Mmm, yes, difficult to know the numbers. I do a humorous column there for a very few (select, discerning) readers – but that’s because I do nothing to promote it. And yes, it’s classified by genre, but there’s no ‘literary fiction’.

      • kingmidget
        January 25, 2016

        I have heard about it and it’s an option but it doesn’t have much exposure yet.

      • Kevin Brennan
        January 25, 2016

        I’m not sure serialization is going to work when there’s so much competition for our eyeballs. Sure, it worked for Dickens, but there was a lot less media then. He had everyone’s commitment. Now I bet a lot of serials would just…trail…off….

      • kingmidget
        January 25, 2016

        Not if iT IS THE BEST STORY EVER!!! I’ll have them begging, begging I tell you, for more. BWAHAHAHAHA!!!!

        But I think you may be right.

      • Kevin Brennan
        January 25, 2016

        I think you’ve crossed over the cuckoo bridge, my friend… 😜

      • kingmidget
        January 25, 2016

        Wha????

      • curtisbausse
        January 26, 2016

        No, it’s not yet 12 months old so I guess it’s early days. Authors still have to promote like crazy, obviously…

      • Kevin Brennan
        January 26, 2016

        That is a problem. The noise of too many authors promoting is not very appealing…

      • curtisbausse
        January 27, 2016

        Well, the promotion isn’t on the site itself, which is fairly well done visually. It’s just that unless you promote in the great elsewhere, you’ll get no one knocking at your door. Same old….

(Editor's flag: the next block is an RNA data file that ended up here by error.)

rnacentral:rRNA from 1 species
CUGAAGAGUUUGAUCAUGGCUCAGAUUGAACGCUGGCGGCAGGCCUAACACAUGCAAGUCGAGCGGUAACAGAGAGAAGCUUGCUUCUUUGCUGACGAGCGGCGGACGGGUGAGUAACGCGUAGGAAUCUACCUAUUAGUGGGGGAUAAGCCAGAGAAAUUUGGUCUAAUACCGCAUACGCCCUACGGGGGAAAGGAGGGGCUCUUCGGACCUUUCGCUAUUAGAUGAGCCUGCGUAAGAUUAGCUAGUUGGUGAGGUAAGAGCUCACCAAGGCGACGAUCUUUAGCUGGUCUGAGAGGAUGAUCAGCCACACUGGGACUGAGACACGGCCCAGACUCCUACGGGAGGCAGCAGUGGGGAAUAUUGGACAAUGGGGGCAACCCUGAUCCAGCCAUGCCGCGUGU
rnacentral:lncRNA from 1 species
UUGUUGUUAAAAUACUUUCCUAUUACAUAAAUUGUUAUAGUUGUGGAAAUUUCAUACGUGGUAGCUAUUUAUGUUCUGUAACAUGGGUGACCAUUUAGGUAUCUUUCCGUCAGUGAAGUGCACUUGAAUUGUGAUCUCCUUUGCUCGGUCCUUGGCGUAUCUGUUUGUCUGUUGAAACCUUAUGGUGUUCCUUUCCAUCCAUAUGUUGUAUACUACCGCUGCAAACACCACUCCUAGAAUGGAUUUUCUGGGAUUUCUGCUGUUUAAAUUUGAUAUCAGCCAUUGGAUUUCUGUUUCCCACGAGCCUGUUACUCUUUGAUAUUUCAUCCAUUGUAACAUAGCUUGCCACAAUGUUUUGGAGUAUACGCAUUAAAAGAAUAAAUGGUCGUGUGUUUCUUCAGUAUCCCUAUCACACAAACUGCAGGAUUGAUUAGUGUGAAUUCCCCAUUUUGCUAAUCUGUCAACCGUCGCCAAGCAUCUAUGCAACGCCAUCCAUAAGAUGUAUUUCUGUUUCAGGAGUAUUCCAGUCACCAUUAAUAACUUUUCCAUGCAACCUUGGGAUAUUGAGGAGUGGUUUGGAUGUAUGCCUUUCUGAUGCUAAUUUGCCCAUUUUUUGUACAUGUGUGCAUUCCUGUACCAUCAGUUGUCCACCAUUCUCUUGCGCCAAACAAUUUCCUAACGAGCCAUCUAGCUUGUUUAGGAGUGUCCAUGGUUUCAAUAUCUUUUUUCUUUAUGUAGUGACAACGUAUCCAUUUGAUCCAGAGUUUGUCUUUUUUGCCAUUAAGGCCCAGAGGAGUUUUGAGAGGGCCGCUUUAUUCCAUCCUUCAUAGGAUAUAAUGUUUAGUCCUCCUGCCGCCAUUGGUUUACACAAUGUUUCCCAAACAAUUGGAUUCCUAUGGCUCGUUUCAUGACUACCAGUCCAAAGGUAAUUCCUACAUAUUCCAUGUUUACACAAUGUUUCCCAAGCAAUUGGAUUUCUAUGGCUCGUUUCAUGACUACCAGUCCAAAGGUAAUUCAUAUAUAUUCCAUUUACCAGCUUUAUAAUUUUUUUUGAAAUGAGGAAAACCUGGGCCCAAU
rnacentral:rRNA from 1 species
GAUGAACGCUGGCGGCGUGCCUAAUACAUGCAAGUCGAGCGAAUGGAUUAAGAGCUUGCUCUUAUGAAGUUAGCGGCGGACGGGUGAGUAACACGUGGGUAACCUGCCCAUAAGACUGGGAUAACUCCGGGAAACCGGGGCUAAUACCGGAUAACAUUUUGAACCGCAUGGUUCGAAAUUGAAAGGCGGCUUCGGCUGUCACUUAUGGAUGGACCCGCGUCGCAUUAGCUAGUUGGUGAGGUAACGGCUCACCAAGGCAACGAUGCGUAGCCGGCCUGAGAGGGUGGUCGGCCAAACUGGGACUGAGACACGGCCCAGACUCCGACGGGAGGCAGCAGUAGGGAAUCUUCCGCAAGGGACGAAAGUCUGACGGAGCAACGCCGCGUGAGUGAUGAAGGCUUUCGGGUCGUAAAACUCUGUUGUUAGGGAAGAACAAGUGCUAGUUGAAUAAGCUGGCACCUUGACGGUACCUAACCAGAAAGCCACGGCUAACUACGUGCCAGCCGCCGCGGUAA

3. Karen
    January 25, 2016

    I think I’ve read most of the entries in this series, and I’m still not sure what you’re proposing to replace the gatekeeper role that traditional publishing provides. As imperfect as it is, the publishing houses do provide a necessary service to readers that is lacking in the self-publishing market.

    I guess what I’m asking is what do you see as the logistics involved for, let’s say, the NYT Book Review to write about an unknown, unheralded self-published book? How do you imagine that process even taking place? It seems an insurmountable task, given the volume of self-published books that are marketed every single day.

    As frustrating as the gatekeeper role of the publishing houses is to those of us trying to publish, the lack of a gatekeeper in self-publishing is at the root of the stigma attached to the movement. Right now I suppose the free market is serving that role in self-publishing, and I guess that’s as good a gatekeeper as it needs.

    • Kevin Brennan
      January 25, 2016

      I’m not proposing a replacement of the gatekeeper system. I’m imagining alternatives that might exist alongside it.

      Two main points I wanted to get across in the essay:

      1) More writers of literary fiction should use indie publishing as a way of trying things that the gatekeeper system finds “unsaleable.” (What a nasty word that is; just look at it!) Literary writers should feel free to take chances.